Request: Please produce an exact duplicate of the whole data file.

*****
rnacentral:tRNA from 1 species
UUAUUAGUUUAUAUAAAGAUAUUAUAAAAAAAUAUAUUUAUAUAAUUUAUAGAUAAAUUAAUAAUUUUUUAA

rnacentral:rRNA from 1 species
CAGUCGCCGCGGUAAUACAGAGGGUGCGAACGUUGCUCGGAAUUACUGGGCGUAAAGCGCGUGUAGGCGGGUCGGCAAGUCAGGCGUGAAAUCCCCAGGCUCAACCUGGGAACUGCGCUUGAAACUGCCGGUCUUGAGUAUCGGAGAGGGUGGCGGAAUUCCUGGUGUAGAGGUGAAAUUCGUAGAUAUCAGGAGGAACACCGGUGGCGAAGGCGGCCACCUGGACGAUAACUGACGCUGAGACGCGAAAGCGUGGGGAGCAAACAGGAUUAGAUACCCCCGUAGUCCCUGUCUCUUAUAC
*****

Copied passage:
rnacentral:tRNA from 1 species
UUAUUAGUUUAUAUAAAGAUAUUAUAAAAAAAUAUAUUUAUAUAAUUUAUAGAUAAAUUAAUAAUUUUUUAA

rnacentral:rRNA from 1 species
CAGUCGCCGCGGUAAUACAGAGGGUGCGAACGUUGCUCGGAAUUACUGGGCGUAAAGCGCGUGUAGGCGGGUCGGCAAGUCAGGCGUGAAAUCCCCAGGCUCAACCUGGGAACUGCGCUUGAAACUGCCGGUCUUGAGUAUCGGAGAGGGUGGCGGAAUUCCUGGUGUAGAGGUGAAAUUCGUAGAUAUCAGGAGGAACACCGGUGGCGAAGGCGGCCACCUGGACGAUAACUGACGCUGAGACGCGAAAGCGUGGGGAGCAAACAGGAUUAGAUACCCCCGUAGUCCCUGUCUCUUAUAC